strategy+business is published by PwC Strategy& Inc.
 
or, sign in with:
strategy and business
Published: October 1, 1996

 
 

Why C.E.O.'s Succeed (and Why They Fail): Hunters and Gatherers in the Corporate Life

What are the factors that determine which C. E. O.'s succeed and which fail? Even in the high-tech world, the laws of the jungle still rule.

Anthropology and cultural evolution can bring us a long way toward understanding why people succeed or fail in a business setting. Putting the focus on chief executive officers, the authors show how their studies of primitive societies can explain why otherwise successful, competent and well-trained executives stumble when they reach the top of the ladder.

Chief executives fail most often in three situations: 1) he or she has moved to a much smaller company, either as an entrepreneur or to take over a start-up or early-stage business; 2) the C.E.O.'s small company has grown to middle size; 3) the C.E.O. has been a successful vice president or chief operating officer and has been promoted to the top spot or has been recruited as chief executive for another company. These three modes of failure are related, the authors argue. Something changes when a company reaches a certain size that makes it somehow different to manage; also, running an independent company is different from running a division of a large company. In short, small-company C.E.O.'s fail in large companies, large-company C.E.O.'s fail in small companies and C.E.O.'s who have risen through the ranks can't work with their boards.

The clue to solving the problem, the authors say, is understanding that modern companies have structural counterparts in primitive organizations, from which they evolved. These entities -- defined by size in such forms as the working group, the hunting and gathering camp and the hierarchy -- have always behaved in different ways. To survive, the C.E.O. must recognize the behavorial patterns of each type of organization, particularly the camp-like board of directors, which, the authors warn, has an intrinsically different structure from the corporation it serves.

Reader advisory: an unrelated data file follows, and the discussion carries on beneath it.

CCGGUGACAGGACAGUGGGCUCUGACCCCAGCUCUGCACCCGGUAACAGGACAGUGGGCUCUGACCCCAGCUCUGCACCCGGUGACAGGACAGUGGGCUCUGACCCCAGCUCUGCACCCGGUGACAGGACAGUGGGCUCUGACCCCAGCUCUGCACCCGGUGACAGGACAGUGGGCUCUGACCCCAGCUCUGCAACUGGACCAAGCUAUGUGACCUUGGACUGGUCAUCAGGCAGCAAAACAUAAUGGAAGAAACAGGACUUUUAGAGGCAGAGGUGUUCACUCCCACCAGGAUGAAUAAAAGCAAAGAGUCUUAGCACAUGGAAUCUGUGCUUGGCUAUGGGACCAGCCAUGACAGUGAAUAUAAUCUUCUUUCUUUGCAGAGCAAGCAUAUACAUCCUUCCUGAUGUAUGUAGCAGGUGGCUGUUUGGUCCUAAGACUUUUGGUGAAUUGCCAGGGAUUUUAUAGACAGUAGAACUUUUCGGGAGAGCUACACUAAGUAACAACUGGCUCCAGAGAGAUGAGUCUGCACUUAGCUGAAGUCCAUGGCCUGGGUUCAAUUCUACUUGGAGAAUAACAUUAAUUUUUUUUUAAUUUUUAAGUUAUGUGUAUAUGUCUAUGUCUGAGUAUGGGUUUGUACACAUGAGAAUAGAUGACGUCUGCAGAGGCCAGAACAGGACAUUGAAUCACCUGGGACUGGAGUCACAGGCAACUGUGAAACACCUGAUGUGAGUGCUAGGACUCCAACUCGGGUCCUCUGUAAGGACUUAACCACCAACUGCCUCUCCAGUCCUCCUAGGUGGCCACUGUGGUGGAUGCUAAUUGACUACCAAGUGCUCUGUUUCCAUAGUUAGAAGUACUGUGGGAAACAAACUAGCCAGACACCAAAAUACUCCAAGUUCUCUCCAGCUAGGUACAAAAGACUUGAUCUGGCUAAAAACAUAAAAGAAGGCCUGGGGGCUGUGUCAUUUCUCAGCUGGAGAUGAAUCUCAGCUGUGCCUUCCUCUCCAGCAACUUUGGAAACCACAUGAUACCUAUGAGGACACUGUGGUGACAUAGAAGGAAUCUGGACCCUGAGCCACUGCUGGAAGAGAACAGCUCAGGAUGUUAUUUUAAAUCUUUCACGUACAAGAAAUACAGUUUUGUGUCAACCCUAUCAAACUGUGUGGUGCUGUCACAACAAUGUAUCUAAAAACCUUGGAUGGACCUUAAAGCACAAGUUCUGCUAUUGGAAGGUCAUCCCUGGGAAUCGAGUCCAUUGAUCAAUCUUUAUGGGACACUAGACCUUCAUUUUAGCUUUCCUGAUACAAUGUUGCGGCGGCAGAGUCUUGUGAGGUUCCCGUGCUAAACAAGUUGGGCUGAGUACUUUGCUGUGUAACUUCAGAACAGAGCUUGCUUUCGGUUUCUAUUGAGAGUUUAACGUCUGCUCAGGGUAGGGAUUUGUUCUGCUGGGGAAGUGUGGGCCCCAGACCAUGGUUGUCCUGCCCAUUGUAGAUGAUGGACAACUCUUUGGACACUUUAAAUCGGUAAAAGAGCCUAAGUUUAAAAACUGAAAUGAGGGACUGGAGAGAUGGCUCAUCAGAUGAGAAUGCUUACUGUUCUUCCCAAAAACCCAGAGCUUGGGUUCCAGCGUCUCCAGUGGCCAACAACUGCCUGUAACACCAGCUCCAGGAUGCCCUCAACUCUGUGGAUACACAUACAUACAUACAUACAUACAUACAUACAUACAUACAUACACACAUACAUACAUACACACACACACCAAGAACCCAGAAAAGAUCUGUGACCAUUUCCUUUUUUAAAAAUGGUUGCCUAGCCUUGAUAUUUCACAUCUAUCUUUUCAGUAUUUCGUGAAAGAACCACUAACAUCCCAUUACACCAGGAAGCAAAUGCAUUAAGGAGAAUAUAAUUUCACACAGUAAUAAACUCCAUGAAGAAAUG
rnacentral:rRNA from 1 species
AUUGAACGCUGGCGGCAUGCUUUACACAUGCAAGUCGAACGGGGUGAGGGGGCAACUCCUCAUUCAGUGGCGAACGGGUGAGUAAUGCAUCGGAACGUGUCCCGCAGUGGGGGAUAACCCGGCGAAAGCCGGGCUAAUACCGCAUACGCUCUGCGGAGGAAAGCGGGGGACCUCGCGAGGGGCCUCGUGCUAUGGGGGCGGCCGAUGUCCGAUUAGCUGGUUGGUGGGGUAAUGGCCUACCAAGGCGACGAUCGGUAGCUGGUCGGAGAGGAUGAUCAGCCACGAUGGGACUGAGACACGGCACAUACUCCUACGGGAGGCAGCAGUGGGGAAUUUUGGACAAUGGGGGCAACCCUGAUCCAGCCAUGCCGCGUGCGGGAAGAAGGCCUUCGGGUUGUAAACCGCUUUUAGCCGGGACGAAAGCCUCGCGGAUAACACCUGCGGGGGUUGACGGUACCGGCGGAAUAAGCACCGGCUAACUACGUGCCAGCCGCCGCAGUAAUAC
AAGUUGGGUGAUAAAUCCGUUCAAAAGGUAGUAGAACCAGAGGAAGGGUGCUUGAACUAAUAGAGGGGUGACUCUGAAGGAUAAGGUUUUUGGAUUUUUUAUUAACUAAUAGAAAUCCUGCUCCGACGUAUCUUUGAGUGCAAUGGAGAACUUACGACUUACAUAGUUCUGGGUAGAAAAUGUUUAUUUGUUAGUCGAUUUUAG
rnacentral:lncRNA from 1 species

It is enormously destructive and expensive to change the chief executive of a growth company who stumbles in office. The human cost is high, as well: competent executives, used to success, fail without understanding why. They are branded with their failure. Some succumb to bitterness and despair; a few are suicides.


Why do these otherwise successful, competent, well-trained people fail? Why, in the face of good advice, do they do things that bring their ruin? Why, after they fail, can people of less training, skill and intelligence turn their failures into successes?

The authors of this article are an early-stage venture seed capitalist and an anthropologist who specializes in leadership. We have examined the most common ways that C.E.O.'s fail by applying the findings and techniques of anthropology to business organizations. We have found that the cause of these systematic failures is not the C.E.O.'s lack of skill, nor even his psychology; it is the changing institutional context in which he must perform.

C.E.O.'s fail most often in these three situations:

  • He or she has moved to a much smaller company, either as an entrepreneur or to take over a start-up or early-stage company;
  • The C.E.O.'s small company has grown to middle size;
  • The C.E.O. has been a successful vice president or chief operating officer and has been promoted to chief executive, or has been recruited as chief executive for another company.

These three modes of failure seem unrelated; they are not. Something changes when a company reaches a certain size that makes it somehow different to manage; also, running an independent company is different from running a division of a large company. In short, small-company C.E.O.'s fail in large companies, large-company C.E.O.'s fail in small companies and C.E.O.'s who have risen through the ranks can't work with their boards.

Camp, Corporation and Community: The View from Anthropology

Every company is a polity: a "politically organized community." Even though employees may be hired and fired at will, and may be called "resources," "heads," "directs" or some other impersonal term, each director, officer, manager and employee of a company is a functioning member of the polity.

 
Page 1 2 3 4 5 6 7 8  | All | Next Last>
 
 
 
Close
Sign up to receive s+b newsletters and get a FREE Strategy eBook

You will initially receive up to two newsletters/week. You can unsubscribe from any newsletter by using the link found in each newsletter.

Close